My motivation to open up this topic comes from my increased interactions with our corporate partners looking to hire our students. This is a good thing that we have corporate partners who want to build a relationship with us because the trend is not necessarily moving in that direction. Two recent Gallup Polls revealed that although 96 percent of chief academic officers believe that they are doing a good job of preparing students for employment, only 11 percent of business leaders agree that graduates have the requisite skills for success in the workforce. I hear the same concerns but thankfully we do produce graduates that are acceptable to employers but we cannot rest on our reputation. The skill sets needed by employers is changing much faster then our curriculums.

It is commonly accepted that higher education is approaching a bubble of dramatic disruption. Theories on what that might look like range across the spectrum typically dependent upon what role one plays in that industry. But when you step back from personal feelings it is hard to understand how this system designed centuries ago can continue much longer without some serious overhaul. Of course change or innovation rarely occurs from within, it will be outside forces that create the bubble. Those forces evolve from our customers and the options that they explore. I think the most significant force will come from the employers of our graduates. The Christensen Institute has helped alert us to disruptive signals over the years and I think they have produced an excellent review of how our employers are shifting their tactics in their latest publication “Hire Education”.

The publication as mentioned in the video shifts focus to an examination of online competency-based education. Unfortunately for our traditional institutions of higher education online competency-based education would probably have the most disruptive affect imaginable on our current business model. I do sympathize with the overall value proposition that higher education offers and we should not lose what is working in HE, but I think we know that change is coming, so shouldn’t we we planning for it. Read the “Hire Education” report with an open mind and consider how we might adapt our credit hour, semester based approach to conveying a degree. I am fascinated by how we might adapt our ERP systems. I could see year round college campuses where you protect all that is great about a residential and experiential learning college experience. Maybe some of the students are working in a competency based track and given support from subject matter experts and academic staff. It may not be the tenure track dream job but it could still be an extremely rewarding alternative.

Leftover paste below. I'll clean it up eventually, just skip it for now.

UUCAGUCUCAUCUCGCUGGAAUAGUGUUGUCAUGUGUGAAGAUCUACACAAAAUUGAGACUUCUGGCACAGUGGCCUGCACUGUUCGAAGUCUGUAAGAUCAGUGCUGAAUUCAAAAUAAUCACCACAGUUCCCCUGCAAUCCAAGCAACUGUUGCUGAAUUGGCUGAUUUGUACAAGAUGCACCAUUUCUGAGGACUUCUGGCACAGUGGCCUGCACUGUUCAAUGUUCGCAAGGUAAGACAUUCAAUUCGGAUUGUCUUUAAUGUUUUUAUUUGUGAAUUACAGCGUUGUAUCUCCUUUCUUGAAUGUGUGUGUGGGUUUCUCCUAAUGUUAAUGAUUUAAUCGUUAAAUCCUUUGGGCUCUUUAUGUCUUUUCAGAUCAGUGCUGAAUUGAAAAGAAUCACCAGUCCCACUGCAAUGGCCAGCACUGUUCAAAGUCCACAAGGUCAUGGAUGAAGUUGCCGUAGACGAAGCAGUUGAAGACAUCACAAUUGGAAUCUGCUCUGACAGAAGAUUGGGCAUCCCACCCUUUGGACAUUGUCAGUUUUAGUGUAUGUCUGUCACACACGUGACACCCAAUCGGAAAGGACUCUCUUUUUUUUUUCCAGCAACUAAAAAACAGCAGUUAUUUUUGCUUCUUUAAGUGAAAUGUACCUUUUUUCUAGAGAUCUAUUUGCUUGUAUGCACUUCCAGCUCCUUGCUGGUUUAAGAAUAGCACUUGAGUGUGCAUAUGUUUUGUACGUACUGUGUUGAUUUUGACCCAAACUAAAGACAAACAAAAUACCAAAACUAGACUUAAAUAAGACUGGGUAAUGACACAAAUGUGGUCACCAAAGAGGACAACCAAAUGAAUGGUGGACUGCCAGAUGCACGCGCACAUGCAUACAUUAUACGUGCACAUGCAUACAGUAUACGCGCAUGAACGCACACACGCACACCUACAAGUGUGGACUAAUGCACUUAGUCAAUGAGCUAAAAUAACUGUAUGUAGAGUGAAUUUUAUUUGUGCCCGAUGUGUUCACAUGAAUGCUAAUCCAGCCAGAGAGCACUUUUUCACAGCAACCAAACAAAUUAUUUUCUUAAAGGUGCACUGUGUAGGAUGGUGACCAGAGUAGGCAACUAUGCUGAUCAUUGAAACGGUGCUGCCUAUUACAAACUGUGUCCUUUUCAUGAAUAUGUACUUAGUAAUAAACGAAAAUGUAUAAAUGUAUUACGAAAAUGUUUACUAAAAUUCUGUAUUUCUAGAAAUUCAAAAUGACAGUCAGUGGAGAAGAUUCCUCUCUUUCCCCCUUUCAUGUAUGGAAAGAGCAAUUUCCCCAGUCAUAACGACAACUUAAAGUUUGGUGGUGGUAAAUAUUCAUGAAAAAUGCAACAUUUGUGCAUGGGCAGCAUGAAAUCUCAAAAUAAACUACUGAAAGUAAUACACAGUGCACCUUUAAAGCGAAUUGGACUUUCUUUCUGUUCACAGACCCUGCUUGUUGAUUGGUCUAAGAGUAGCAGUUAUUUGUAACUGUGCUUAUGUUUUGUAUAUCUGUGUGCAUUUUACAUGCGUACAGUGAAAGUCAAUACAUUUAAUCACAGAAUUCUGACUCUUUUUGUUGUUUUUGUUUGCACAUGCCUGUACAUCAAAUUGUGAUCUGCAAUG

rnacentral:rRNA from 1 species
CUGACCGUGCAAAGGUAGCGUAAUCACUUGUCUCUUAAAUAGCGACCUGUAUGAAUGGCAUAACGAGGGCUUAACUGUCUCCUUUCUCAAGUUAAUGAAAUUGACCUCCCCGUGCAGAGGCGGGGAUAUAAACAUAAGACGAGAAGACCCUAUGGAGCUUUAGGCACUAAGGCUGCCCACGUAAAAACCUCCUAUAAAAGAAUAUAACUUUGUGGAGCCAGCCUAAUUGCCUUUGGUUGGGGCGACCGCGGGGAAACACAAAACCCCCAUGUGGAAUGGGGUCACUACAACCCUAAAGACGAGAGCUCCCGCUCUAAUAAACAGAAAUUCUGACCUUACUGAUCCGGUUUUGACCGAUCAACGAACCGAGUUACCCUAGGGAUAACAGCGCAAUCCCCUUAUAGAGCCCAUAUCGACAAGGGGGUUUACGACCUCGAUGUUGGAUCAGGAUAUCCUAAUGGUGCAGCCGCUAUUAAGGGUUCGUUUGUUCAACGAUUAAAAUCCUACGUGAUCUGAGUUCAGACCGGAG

Research Support and Student Experiential Learning

The pursuit of a STEM degree has gained significant attention in recent years as we evaluate the ROI for a college degree. A recent article in NerdScholar by Yesenia Rascon, “Top 5 Reasons to Apply to a Research University” highlights the importance of experiential learning, access to research facilities and hands on career development quantifies many of the reasons we allow our IT student workers the opportunity to participate in exploratory projects. This all relates back to a culture that we promote for our very successful IT Research Support Services, RSS, group here at Missouri S&T. I have been fortunate to be in a position to carve out some IT budget to dedicate to research support. However, because some of my funding comes from student tech fees I make sure that the students benefit from our efforts. This translates via the hiring of student workers, but extends beyond tradition tech support jobs. We hire students in RSS who seek out that opportunity and we benefit from important support services that they are able to provide to our university. However, we also reward them with the opportunity to own their own research projects. Our staff does offer advice and support but we also let the students fail.

Our students also earn the right to attend national research conferences such as the annual SuperComputing and Great Plains Network. These opportunities provide them excellent presentation experience which we utilized this summer by having our students conduct a workshop for the CyberMiner camp for high school students. We asked them to present their current projects to about 50 high school juniors and seniors. We designed the workshop to encourage the campers to engage with our students and it was truly an inspiration Geekfest showcasing our future technology leaders.

Here is a quick glimpse of the projects they presented and a sense of the workshop.